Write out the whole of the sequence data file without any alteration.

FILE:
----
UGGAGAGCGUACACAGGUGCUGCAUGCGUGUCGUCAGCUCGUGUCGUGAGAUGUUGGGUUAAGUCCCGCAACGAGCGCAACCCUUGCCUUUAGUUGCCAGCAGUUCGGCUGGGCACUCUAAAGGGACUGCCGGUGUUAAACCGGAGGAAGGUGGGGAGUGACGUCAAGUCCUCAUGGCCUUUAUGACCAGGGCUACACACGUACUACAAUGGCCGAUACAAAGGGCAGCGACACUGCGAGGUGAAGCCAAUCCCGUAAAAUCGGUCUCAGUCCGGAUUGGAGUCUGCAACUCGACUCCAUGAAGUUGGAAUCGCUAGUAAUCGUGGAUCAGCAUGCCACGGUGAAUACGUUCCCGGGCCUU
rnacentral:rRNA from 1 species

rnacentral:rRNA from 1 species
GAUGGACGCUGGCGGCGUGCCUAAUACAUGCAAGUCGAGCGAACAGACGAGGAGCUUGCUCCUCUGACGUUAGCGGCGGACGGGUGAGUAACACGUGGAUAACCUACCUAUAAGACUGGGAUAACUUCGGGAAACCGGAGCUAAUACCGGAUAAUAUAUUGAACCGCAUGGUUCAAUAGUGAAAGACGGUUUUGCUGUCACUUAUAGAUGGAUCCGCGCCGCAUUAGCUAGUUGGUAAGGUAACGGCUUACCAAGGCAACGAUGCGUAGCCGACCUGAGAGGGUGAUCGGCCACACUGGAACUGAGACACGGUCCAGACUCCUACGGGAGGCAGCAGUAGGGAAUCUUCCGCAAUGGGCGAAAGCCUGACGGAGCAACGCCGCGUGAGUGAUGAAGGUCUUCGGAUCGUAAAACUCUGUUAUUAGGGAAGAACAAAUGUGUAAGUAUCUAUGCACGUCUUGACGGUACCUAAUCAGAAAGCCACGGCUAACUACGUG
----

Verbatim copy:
UGGAGAGCGUACACAGGUGCUGCAUGCGUGUCGUCAGCUCGUGUCGUGAGAUGUUGGGUUAAGUCCCGCAACGAGCGCAACCCUUGCCUUUAGUUGCCAGCAGUUCGGCUGGGCACUCUAAAGGGACUGCCGGUGUUAAACCGGAGGAAGGUGGGGAGUGACGUCAAGUCCUCAUGGCCUUUAUGACCAGGGCUACACACGUACUACAAUGGCCGAUACAAAGGGCAGCGACACUGCGAGGUGAAGCCAAUCCCGUAAAAUCGGUCUCAGUCCGGAUUGGAGUCUGCAACUCGACUCCAUGAAGUUGGAAUCGCUAGUAAUCGUGGAUCAGCAUGCCACGGUGAAUACGUUCCCGGGCCUU
rnacentral:rRNA from 1 species

rnacentral:rRNA from 1 species
GAUGGACGCUGGCGGCGUGCCUAAUACAUGCAAGUCGAGCGAACAGACGAGGAGCUUGCUCCUCUGACGUUAGCGGCGGACGGGUGAGUAACACGUGGAUAACCUACCUAUAAGACUGGGAUAACUUCGGGAAACCGGAGCUAAUACCGGAUAAUAUAUUGAACCGCAUGGUUCAAUAGUGAAAGACGGUUUUGCUGUCACUUAUAGAUGGAUCCGCGCCGCAUUAGCUAGUUGGUAAGGUAACGGCUUACCAAGGCAACGAUGCGUAGCCGACCUGAGAGGGUGAUCGGCCACACUGGAACUGAGACACGGUCCAGACUCCUACGGGAGGCAGCAGUAGGGAAUCUUCCGCAAUGGGCGAAAGCCUGACGGAGCAACGCCGCGUGAGUGAUGAAGGUCUUCGGAUCGUAAAACUCUGUUAUUAGGGAAGAACAAAUGUGUAAGUAUCUAUGCACGUCUUGACGGUACCUAAUCAGAAAGCCACGGCUAACUACGUG